Public Affairs

Limerick prepares for first ever mayoral election

In a first in this State, the people of Limerick will vote for a directly elected mayor in June 2024, on the same date as the local and European elections.

In 2019, referendums were held in Limerick, Waterford, and Cork over the prospect of these cities having directly elected mayors. Voters in Waterford and Cork rejected the proposal, while it was endorsed by the electorate of Limerick.

Limerick has had over 600 mayors in its history, dating back as far as 1197, but the next mayor will be the first to be elected.

In addition, the elected mayor will have powers never before conferred on their predecessors, including executive functions in strategic development, housing and building, roads, transport, and the environment.

The mayor will have executive power in these functions over the area which comprises Limerick City and County Council.

Results from the two Limerick constituencies (Limerick City and Limerick County) in the last general election suggest that the three major parties stand the best chance of emerging victorious, with the two constituencies currently represented by two Fine Gael TDs, two Fianna Fáil TDs, one Sinn Féin TD, one Green Party TD, and one independent.

Taoiseach Leo Varadkar TD announced in June 2023 that his government intended to hold a referendum on the possibility of a directly elected mayor in Dublin concurrently with the local and European elections in 2024, but the Government has given no indication that this will take place.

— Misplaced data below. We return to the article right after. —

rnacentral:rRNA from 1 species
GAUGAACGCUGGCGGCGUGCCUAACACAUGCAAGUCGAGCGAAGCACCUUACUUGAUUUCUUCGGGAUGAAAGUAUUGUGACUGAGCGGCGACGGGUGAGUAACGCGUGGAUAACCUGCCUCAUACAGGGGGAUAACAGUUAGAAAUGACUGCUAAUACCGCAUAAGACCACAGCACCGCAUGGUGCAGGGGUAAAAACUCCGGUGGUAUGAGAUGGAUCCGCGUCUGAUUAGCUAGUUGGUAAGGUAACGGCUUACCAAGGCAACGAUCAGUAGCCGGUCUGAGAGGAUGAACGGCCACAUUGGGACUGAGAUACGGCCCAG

Varadkar announced this in the aftermath of a Citizens’ Assembly report recommending that a directly elected mayor of Dublin should be responsible for oversight of 15 policy areas including homelessness, housing, community healthcare, transport, the environment, and emergency services.

The Citizens’ Assembly also recommends that the mayor have the power to raise revenues and to borrow, further suggesting that the mayor should have the power to introduce new regulations and to convene meetings with local and national agencies.

Locally elected mayors are a common feature of American and British democracy, with all of the United States’ major cities, as well as most small towns, electing mayors with local executive powers.

In Britain, mayoralties have been consistently established since government reforms enacted under Tony Blair’s Labour government (which also saw the introduction of devolution in the North, Scotland, and Wales). However, the approval of these roles has been mixed, with support high in cities such as Manchester and Birmingham but having been abolished in towns and cities such as Hartlepool and Liverpool.

At the time of print, only one candidate has been announced for the upcoming election, Green Party TD Brian Leddin. Independent businessman Fionán Coughlan, who runs the Limerick Milk Market, had announced his candidacy in 2021, but dropped out on 8 February 2024.

It is likely that Fine Gael, Fianna Fáil, and Sinn Féin will also put forward candidates.

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